James Owen of Penrhos

and his descendants
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(John) Gurth Morgan-Owen (1883 - 1916)

Gurth Morgan-Owen The fifth child of Timothy Morgan Owen and Emma, John Gurth Morgan-Owen, known as 'little Gurth' (he was only 5'3" tall), was the great favourite of them all. He was born on 2 August 1883, at his parents' home, 'Bronwylfa' in Rhyl. He was first educated at Colet House School, Rhyl. His elder brothers all went to Shrewsbury School but Gurth won a scholarship to Bromsgrove where he excelled at sport (To see Gurth in Bromsgrove team photos click on football 1899-1900, cricket 1900 and cricket 1902.) He also played football for Rhyl, Oswestry and Montgomery.

The Times, of 26 December 1901, reported that Gurth had been recommended for election to a classical Cooke's Exhibition at Worcester College, Oxford. At Oxford he played cricket, football and hockey for his college and also rode horses. He obviously enjoyed the high life there, for in the college archives are letters to and from his father concerning his 'battels' (college accounts). He had the highest entertaining bill in his year, his tailors bill was also very high and the bursar said his rooms were too luxurious. On later trans-Atlantic sailings to and from Argentina Gurth travelled first class.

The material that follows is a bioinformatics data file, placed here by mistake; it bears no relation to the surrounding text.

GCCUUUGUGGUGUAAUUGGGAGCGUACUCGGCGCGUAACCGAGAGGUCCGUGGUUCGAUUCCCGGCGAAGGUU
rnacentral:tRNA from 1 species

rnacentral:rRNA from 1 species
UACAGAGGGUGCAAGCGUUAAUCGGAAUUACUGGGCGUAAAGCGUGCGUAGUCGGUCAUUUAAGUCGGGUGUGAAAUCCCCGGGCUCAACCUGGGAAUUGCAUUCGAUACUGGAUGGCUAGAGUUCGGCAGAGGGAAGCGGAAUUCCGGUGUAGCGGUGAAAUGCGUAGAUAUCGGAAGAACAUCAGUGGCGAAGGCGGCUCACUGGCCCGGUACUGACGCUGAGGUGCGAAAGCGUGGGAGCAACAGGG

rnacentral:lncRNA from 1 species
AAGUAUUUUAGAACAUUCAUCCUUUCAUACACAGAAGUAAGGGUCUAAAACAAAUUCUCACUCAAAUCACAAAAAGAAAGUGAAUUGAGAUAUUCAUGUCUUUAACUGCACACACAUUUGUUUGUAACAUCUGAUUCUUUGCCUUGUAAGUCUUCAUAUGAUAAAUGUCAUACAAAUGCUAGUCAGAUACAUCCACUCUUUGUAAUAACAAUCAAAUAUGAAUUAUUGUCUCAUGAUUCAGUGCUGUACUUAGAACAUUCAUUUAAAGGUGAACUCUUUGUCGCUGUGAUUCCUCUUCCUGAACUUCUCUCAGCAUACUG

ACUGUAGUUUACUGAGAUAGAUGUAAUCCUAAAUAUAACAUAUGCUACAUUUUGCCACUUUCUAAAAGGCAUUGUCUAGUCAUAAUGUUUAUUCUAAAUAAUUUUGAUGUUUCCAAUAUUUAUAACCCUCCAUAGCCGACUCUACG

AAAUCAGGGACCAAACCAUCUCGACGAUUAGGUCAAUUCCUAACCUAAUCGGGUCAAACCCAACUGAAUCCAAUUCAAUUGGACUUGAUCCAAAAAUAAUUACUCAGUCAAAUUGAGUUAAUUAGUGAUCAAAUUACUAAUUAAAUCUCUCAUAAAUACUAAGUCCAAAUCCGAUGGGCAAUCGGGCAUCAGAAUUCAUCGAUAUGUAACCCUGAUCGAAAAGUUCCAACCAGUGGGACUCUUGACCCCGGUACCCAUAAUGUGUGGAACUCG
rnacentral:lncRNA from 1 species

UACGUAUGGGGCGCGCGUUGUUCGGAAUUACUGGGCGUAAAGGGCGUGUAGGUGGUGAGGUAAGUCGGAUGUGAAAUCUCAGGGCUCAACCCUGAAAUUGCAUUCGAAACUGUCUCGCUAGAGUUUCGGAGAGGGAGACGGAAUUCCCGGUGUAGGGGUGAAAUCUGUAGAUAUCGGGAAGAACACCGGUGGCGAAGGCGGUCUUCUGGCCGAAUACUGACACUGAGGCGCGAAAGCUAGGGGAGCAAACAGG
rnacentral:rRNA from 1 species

I am told that Gurth dropped his exhibition without telling his father but he took his BA degree in 1904 and became a teacher, firstly with his elder brother Morgan at Forest School in Essex and then at Stonehouse School, Broadstairs, before becoming senior master at St George's College, Quilmes, Buenos Aires. Gurth was almost certainly the "Morgan Owen" who travelled first class to Buenos Aires aboard Highland Laddie in September 1911, as this was when he took the position at St Georges College, a relatively new English school catering for the huge British population in Argentina. (His cousin, Thomas Francis Shelby, had been part of the British influx just after the turn of the century.) Gurth's brother, Morgan, had toured Brazil with Corinthians FC in 1910 and it may well have been Morgan's reports of his tour that prompted Gurth to go there. At St Georges Gurth taught classics, literature, French and secondary mathematics. He played cricket for the Quilmes C.C., of Buenos Aires, as well as football and hockey for local clubs; his sporting achievements raised his kudos at the school, where he went on to become the p.a. to the headmaster. Morgan again toured in South America in 1913, which would have provided another opportunity for the two brothers, who were obviously very close, to meet up.